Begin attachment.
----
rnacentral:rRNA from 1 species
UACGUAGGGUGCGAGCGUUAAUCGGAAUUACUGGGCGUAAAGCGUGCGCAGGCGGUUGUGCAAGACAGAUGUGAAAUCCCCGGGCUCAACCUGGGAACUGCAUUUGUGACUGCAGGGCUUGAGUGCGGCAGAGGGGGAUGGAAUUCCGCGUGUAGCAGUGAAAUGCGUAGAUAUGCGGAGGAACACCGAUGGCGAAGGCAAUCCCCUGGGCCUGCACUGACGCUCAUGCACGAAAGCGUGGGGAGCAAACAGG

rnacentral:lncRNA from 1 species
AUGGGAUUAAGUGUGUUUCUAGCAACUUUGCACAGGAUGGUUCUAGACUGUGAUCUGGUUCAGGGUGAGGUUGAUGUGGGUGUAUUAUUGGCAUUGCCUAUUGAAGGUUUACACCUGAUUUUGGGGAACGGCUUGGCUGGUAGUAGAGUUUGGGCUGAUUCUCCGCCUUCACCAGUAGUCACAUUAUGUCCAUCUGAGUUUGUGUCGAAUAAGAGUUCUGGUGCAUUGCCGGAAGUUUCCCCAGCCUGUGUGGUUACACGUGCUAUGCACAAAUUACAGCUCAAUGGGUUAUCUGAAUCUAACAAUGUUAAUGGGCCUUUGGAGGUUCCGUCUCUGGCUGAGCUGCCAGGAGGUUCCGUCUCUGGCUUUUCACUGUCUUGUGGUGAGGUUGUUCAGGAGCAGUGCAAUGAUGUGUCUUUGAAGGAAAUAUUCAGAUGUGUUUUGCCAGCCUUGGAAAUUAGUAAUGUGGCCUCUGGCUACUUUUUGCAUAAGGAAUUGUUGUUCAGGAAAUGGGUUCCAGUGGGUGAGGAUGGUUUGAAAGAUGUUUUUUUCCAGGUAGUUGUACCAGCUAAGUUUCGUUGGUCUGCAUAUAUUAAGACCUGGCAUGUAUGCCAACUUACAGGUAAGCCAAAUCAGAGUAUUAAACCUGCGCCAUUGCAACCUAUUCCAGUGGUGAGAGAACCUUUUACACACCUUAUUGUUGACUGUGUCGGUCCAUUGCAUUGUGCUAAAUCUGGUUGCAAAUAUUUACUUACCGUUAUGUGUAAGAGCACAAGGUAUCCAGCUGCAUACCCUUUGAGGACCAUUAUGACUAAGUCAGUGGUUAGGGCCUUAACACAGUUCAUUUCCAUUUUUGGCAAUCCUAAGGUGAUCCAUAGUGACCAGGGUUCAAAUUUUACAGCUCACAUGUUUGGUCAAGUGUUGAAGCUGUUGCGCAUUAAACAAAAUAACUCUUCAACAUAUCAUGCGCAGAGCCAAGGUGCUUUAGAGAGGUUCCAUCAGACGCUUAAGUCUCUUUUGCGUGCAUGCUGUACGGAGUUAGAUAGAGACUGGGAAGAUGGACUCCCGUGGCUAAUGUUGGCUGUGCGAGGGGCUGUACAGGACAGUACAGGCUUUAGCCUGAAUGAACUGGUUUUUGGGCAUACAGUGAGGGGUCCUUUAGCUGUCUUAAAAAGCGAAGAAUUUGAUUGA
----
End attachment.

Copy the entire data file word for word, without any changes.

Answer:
rnacentral:rRNA from 1 species
UACGUAGGGUGCGAGCGUUAAUCGGAAUUACUGGGCGUAAAGCGUGCGCAGGCGGUUGUGCAAGACAGAUGUGAAAUCCCCGGGCUCAACCUGGGAACUGCAUUUGUGACUGCAGGGCUUGAGUGCGGCAGAGGGGGAUGGAAUUCCGCGUGUAGCAGUGAAAUGCGUAGAUAUGCGGAGGAACACCGAUGGCGAAGGCAAUCCCCUGGGCCUGCACUGACGCUCAUGCACGAAAGCGUGGGGAGCAAACAGG

rnacentral:lncRNA from 1 species
AUGGGAUUAAGUGUGUUUCUAGCAACUUUGCACAGGAUGGUUCUAGACUGUGAUCUGGUUCAGGGUGAGGUUGAUGUGGGUGUAUUAUUGGCAUUGCCUAUUGAAGGUUUACACCUGAUUUUGGGGAACGGCUUGGCUGGUAGUAGAGUUUGGGCUGAUUCUCCGCCUUCACCAGUAGUCACAUUAUGUCCAUCUGAGUUUGUGUCGAAUAAGAGUUCUGGUGCAUUGCCGGAAGUUUCCCCAGCCUGUGUGGUUACACGUGCUAUGCACAAAUUACAGCUCAAUGGGUUAUCUGAAUCUAACAAUGUUAAUGGGCCUUUGGAGGUUCCGUCUCUGGCUGAGCUGCCAGGAGGUUCCGUCUCUGGCUUUUCACUGUCUUGUGGUGAGGUUGUUCAGGAGCAGUGCAAUGAUGUGUCUUUGAAGGAAAUAUUCAGAUGUGUUUUGCCAGCCUUGGAAAUUAGUAAUGUGGCCUCUGGCUACUUUUUGCAUAAGGAAUUGUUGUUCAGGAAAUGGGUUCCAGUGGGUGAGGAUGGUUUGAAAGAUGUUUUUUUCCAGGUAGUUGUACCAGCUAAGUUUCGUUGGUCUGCAUAUAUUAAGACCUGGCAUGUAUGCCAACUUACAGGUAAGCCAAAUCAGAGUAUUAAACCUGCGCCAUUGCAACCUAUUCCAGUGGUGAGAGAACCUUUUACACACCUUAUUGUUGACUGUGUCGGUCCAUUGCAUUGUGCUAAAUCUGGUUGCAAAUAUUUACUUACCGUUAUGUGUAAGAGCACAAGGUAUCCAGCUGCAUACCCUUUGAGGACCAUUAUGACUAAGUCAGUGGUUAGGGCCUUAACACAGUUCAUUUCCAUUUUUGGCAAUCCUAAGGUGAUCCAUAGUGACCAGGGUUCAAAUUUUACAGCUCACAUGUUUGGUCAAGUGUUGAAGCUGUUGCGCAUUAAACAAAAUAACUCUUCAACAUAUCAUGCGCAGAGCCAAGGUGCUUUAGAGAGGUUCCAUCAGACGCUUAAGUCUCUUUUGCGUGCAUGCUGUACGGAGUUAGAUAGAGACUGGGAAGAUGGACUCCCGUGGCUAAUGUUGGCUGUGCGAGGGGCUGUACAGGACAGUACAGGCUUUAGCCUGAAUGAACUGGUUUUUGGGCAUACAGUGAGGGGUCCUUUAGCUGUCUUAAAAAGCGAAGAAUUUGAUUGA